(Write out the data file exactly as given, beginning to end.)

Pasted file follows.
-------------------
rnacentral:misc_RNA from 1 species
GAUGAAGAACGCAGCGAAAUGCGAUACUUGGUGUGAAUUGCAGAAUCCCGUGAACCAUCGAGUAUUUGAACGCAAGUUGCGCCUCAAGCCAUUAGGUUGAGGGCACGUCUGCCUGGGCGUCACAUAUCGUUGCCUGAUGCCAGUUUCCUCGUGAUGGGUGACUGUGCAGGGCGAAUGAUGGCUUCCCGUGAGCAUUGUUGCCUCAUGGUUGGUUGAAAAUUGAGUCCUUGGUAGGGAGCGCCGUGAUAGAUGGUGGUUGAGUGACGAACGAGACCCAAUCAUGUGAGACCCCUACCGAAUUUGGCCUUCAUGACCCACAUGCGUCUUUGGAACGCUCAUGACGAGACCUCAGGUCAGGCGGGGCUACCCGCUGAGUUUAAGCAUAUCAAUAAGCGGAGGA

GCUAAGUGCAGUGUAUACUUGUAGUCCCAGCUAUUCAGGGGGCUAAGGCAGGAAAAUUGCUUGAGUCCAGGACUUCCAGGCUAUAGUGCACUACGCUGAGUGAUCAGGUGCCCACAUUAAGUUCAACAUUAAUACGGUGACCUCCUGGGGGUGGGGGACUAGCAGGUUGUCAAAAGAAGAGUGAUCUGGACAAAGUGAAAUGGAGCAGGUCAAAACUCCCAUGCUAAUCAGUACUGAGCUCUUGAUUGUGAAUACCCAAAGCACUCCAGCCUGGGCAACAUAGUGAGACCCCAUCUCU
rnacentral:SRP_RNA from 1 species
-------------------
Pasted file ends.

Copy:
rnacentral:misc_RNA from 1 species
GAUGAAGAACGCAGCGAAAUGCGAUACUUGGUGUGAAUUGCAGAAUCCCGUGAACCAUCGAGUAUUUGAACGCAAGUUGCGCCUCAAGCCAUUAGGUUGAGGGCACGUCUGCCUGGGCGUCACAUAUCGUUGCCUGAUGCCAGUUUCCUCGUGAUGGGUGACUGUGCAGGGCGAAUGAUGGCUUCCCGUGAGCAUUGUUGCCUCAUGGUUGGUUGAAAAUUGAGUCCUUGGUAGGGAGCGCCGUGAUAGAUGGUGGUUGAGUGACGAACGAGACCCAAUCAUGUGAGACCCCUACCGAAUUUGGCCUUCAUGACCCACAUGCGUCUUUGGAACGCUCAUGACGAGACCUCAGGUCAGGCGGGGCUACCCGCUGAGUUUAAGCAUAUCAAUAAGCGGAGGA

GCUAAGUGCAGUGUAUACUUGUAGUCCCAGCUAUUCAGGGGGCUAAGGCAGGAAAAUUGCUUGAGUCCAGGACUUCCAGGCUAUAGUGCACUACGCUGAGUGAUCAGGUGCCCACAUUAAGUUCAACAUUAAUACGGUGACCUCCUGGGGGUGGGGGACUAGCAGGUUGUCAAAAGAAGAGUGAUCUGGACAAAGUGAAAUGGAGCAGGUCAAAACUCCCAUGCUAAUCAGUACUGAGCUCUUGAUUGUGAAUACCCAAAGCACUCCAGCCUGGGCAACAUAGUGAGACCCCAUCUCU
rnacentral:SRP_RNA from 1 species